Tune Your Guitar to Happiness in Three Steps

March 3, 2022 5 Minute Read
  • Psychology
March 3, 2022 5 Minute Read
  • Psychology

I’ve been thinking a lot lately about happiness; after all, as a clinical psychologist, helping my patients find a path to happiness is part of my job. And there have been many studies about what specific factors influence our happiness, looking at everything from salary to IQ.

But the true grandmaster of all happiness psychology is Abraham Maslow. He’s most famous today for introducing Maslow’s Hierarchy of Needs, which he claimed contained the key to the nature of true happiness and fulfillment. The basic idea of Maslow’s hierarchy is that we have different sets of needs which we have to satisfy. According to Maslow, some of these categories are more basic or fundamentally necessary than others. You should address each category in turn before moving on to the next level of needs—this is why it’s not Maslow’s Simple List of Needs. So Food and Shelter should take precedence over, say, finding true love (though maybe some of the modern romantics reading this will argue otherwise!) The highest, narrowest level—the tip of the pyramid—is “Self-Actualization”, which you can finally get over by reaching your fullest potential for yourself creatively. And after that, you’re done—you can now reap the benefits of a fully perfect, optimally happy life.

Seventy-one years later, Maslow’s Hierarchy of Needs is still one of the cornerstones of the psychology of happiness. To this day it dominates the discussion on what it means to live a meaningful, rewarding life. And in my opinion, there is a better way to think about achieving happiness.

Hear me out. In my view, the implication of Maslow’s pyramid is that once you figure out with a given category of needs, it’s like you’re done with that category. Once you figure out how to feel safe, you can stop worrying about safety, and can move on to Love. And, the logic goes, once you figure out love, you can shift your focus to Esteem. Maslow’s hierarchy encourages you to think of happiness as a static and fixed structure, through which you progress from one level to the next until you reach the summit, at which you can just coast forever on your well-being.

The only problem is that happiness doesn’t work that way. Your life is a beautifully fluid experience, an elaborate, continually shifting flux of interwoven connections, and your needs for happiness shift right along with it, from one moment to the next. Which means that you can’t ever “figure out” Love or Health or Self-Esteem and then leave it aside while you tackle the next source of happiness. Instead, you have to work at each aspect every day, even after you’ve found it—especially if you’ve found it. Happiness isn’t a result that you work towards, it’s a process which you embody. And it doesn’t consist an arduous struggle against a huge, immobile set of obstacles: it lies instead in the tiny adjustments you can make as you move from one day to the next.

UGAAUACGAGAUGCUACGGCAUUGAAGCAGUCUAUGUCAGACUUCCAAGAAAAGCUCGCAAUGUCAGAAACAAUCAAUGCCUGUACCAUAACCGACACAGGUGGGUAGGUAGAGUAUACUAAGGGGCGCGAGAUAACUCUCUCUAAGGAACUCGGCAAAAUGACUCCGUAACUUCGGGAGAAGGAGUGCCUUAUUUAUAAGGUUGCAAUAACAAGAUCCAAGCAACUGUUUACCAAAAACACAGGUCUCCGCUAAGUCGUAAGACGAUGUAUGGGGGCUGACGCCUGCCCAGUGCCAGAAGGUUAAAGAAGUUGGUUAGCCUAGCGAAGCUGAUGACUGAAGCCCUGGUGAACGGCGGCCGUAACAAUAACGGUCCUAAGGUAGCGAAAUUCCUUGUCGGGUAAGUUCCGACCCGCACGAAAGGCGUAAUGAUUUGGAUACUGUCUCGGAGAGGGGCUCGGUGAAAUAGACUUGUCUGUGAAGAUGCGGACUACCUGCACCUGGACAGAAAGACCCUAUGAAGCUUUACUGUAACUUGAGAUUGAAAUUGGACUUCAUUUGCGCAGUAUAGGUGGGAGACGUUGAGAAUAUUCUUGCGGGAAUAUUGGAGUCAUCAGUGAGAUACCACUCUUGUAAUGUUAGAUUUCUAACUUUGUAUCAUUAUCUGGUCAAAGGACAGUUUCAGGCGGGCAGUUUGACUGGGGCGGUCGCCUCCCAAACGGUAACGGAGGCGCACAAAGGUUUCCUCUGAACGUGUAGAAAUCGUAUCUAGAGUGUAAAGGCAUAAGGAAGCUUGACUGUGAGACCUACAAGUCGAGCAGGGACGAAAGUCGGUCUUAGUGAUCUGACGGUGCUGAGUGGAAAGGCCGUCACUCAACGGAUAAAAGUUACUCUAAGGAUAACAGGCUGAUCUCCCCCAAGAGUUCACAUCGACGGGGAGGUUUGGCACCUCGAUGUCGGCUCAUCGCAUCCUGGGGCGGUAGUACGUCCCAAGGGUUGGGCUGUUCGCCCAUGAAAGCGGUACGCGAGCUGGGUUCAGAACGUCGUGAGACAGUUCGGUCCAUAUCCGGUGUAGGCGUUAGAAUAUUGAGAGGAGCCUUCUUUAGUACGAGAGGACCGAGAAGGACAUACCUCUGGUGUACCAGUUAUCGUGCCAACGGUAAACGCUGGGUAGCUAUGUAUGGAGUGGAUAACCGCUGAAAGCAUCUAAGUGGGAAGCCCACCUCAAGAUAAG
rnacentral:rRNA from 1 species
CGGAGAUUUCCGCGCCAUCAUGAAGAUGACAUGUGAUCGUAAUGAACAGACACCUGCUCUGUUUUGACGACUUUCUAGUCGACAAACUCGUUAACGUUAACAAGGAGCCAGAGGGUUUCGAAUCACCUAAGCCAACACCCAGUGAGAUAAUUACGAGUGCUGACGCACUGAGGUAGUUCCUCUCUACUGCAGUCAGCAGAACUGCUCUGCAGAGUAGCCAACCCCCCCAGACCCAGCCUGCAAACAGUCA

So happiness is not, in my view, a pyramid you have to climb. There is a more precise and motivating metaphor. I actually think it’s more like a guitar.

Again, hear me out. Over time, a guitar inevitably comes out of tune—not because it’s a bad guitar, but because that’s the nature of guitars. In fact, the key to maintaining a guitar is to notice when it’s not in tune and continually re-tune it—not set it on fire because it was out of tune – no offense, Jimi. Keeping a guitar well-calibrated involves a series of small tunings and re-tunings. It should be the same way with happiness: your happiness may fluctuate, it may even bottom out, but this doesn’t mean you should envision a huge insurmountable pyramid in which you need to reach the pinnacle of self-actualization for true happiness. It just means you need to adapt to your new equilibrium, to re-tune your inner guitar. That’s what happiness is—our ability to make the small but meaningful adaptations to whatever life throws at you.

In my own life, this approach has helped me better respond to situations when I fall short of my own personal goals. Lately I’ve been working on a book! Look out for it! Sorry to say its been delayed and at times the slow progress impacts my feelings of what I believe Dr. Maslow would call self-actualization

But instead, I took a step back and thought, “So I’ve come out of tune. But not a whole lot—I’ve been doing pretty well on the outline and proposal. So what can I do to get back on track?” The answer, of course, was to continue working on a small part of the introduction. And quietly, this little setback only sharpened my resolve continue moving forward.

I encourage you to see being happy not as an insurmountable pyramid you climb once and then forget about, but more like an inner guitar which you can tune slightly better each day. If you can work at thinking of happiness in this way,  you’ll be astonished by how approachable it becomes: how simple it becomes to plant the seeds for it today and help it sprout tomorrow, and flower the day after that. And if you fall short, realize that although we may occasionally get “out of tune”, that’s no sign of weakness. If anything, our ability to tune ourselves back, to recover, to adapt, and then to improve our lives—believe it or not, that’s the secret source of our truest strength.

My recommendation to you is to get out there, reflect upon your lives, and start tuning your inner guitars. Your happiness awaits.